What’s at heart of being a philosopher rather than a sophist, of being a lover of wisdom rather than one who claims to be wise? It is the recognition of one’s own ignorance.
We shouldn’t claim to know, or assume we know, what we really don’t know. That’s what it comes down to.
Thus, far and away the easiest way to spot those who are furthest from philosophy is to see if they think they know more than the experts of a field.
It is impossible to seek wisdom if we think we already have it. Ignorance of our own ignorance is the greatest barrier to the quest for wisdom, and of course in itself it is the very opposite of wisdom.
All of that seems completely sensible and unobjectionable in itself, probably. Often, though, we try hard not to think about the consequences, what it would mean if this were true.
I used to think that deferring to the experts was just a cop-out, and it confused me when so many of the most highly educated people I knew, those for whom I had the greatest respect, would grow hesitant and reluctant when asked a question that might stray from their own area of expertise, would hasten to defer to the training of their colleagues.
What I realize now, though, is that this was precisely the sign of how well they were educated, and how well their education took. Perhaps they are not philosophers, but at the very least they are not entirely lacking in the quality that is most basic and most necessary in the constitution of the philosopher. That’s more than the vast vast majority of us can honestly claim.
Now, deferring to experts doesn’t mean claiming that they’re right. It’s not that simple. At most, it means allowing that they have the best chance of being closest to the truth, but really it doesn’t even have to be that much.
Deferring to experts only means recognizing that they are not as near to ignorance, in their field of expertise, as we are.
But even that small admission requires great humility, and more good sense than most of us are able to show.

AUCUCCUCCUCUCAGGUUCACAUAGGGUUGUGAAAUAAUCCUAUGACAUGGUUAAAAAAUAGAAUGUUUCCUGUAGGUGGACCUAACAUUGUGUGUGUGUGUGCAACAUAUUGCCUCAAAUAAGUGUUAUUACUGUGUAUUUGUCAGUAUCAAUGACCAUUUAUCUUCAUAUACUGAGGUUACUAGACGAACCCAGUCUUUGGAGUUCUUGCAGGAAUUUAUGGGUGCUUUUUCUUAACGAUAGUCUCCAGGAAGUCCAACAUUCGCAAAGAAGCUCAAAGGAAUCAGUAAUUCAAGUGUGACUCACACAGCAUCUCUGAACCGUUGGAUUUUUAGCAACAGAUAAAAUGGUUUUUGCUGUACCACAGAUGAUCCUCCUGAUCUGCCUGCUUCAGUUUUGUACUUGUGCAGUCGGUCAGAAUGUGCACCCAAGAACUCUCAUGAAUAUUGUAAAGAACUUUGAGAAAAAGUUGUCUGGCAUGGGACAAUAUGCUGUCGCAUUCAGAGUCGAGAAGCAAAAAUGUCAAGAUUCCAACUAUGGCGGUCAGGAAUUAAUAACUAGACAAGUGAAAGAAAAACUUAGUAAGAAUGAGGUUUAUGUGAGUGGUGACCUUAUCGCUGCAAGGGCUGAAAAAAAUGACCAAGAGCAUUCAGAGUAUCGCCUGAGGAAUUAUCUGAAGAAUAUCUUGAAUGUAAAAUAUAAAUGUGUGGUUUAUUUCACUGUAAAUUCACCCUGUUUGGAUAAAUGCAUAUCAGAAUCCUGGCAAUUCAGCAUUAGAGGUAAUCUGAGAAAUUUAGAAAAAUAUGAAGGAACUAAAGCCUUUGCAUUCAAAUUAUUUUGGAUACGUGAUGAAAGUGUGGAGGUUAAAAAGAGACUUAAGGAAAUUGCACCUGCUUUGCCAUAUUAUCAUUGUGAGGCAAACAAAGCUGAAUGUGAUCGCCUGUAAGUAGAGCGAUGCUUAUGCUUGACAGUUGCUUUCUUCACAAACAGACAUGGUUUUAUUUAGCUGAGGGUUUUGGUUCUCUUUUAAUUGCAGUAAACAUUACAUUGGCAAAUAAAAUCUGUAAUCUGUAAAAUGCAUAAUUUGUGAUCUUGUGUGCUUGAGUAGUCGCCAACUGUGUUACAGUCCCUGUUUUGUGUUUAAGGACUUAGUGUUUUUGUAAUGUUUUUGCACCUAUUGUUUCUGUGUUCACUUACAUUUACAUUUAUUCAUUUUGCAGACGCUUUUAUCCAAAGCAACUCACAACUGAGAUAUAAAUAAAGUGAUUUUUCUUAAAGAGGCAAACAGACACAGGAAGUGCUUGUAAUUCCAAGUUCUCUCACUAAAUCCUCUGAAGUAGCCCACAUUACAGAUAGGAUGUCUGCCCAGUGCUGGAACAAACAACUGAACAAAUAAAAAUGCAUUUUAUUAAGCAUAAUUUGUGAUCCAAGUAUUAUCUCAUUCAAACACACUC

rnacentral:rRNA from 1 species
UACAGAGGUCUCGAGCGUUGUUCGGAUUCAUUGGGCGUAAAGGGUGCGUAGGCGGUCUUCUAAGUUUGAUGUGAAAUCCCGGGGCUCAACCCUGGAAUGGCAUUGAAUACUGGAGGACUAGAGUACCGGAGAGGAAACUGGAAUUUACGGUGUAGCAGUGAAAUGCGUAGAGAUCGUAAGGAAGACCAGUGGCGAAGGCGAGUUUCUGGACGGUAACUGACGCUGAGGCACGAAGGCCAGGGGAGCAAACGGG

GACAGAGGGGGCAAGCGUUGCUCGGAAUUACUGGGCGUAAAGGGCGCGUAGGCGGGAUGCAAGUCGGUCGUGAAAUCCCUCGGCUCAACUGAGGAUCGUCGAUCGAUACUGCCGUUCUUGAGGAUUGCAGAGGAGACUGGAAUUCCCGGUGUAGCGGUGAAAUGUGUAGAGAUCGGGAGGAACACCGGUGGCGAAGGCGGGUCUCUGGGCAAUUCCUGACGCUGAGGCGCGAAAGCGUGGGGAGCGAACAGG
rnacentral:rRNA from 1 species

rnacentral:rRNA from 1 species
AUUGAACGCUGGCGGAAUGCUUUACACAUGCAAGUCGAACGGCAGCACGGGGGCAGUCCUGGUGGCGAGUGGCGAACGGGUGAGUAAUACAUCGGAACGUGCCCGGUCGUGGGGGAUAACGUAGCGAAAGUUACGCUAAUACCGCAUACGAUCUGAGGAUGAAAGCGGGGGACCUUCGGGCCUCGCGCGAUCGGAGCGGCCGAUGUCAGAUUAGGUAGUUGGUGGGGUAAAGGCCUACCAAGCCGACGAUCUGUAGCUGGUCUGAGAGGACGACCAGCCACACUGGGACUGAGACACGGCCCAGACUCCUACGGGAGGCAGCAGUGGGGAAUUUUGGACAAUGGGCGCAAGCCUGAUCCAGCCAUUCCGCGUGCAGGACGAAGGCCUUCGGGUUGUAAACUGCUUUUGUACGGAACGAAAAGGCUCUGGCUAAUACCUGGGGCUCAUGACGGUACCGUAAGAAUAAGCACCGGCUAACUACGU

This also relates to the value of the scholarly consensus. Scholarly consensus is experts weighing in on the conclusion of experts. For a person without knowledge to feel superior to and liberated from such consensus reveals a marvellous absence of self awareness, of recognition of one’s own ignorance.
An important clarification at this point. To say that those who refuse to defer to experts are far from philosophy, is not the equivalent of saying that those who do defer to experts are at all close to philosophy.
For instance, all of us love to lay claim to the pronouncements of the experts — when those experts happen to be in agreement with us, or saying something that we are delighted to hear. Those are the good experts, the ones who can stand up against the nefarious influences, who can ask the right questions and accept the obvious and undeniable truth when it presents itself. We all love to do that. The important and revealing question is, what do we do when we encounter expert consensus that doesn’t harmonize with what we want to accept as true.
So when someone rejects the view of experts as definitely false, on the grounds of their own meagre research and powers of reason, without any openness to being wrong, then that is a very good indication that they are about as far from philosophy as it is possible to be.
For me, this was one of the sad, but beneficial, outcomes of all the controversy around Covid. There were a number of people who I thought were closer to having philosophical souls, who turned out to be very far indeed even from the vaguest approximation of a philosophical starting point.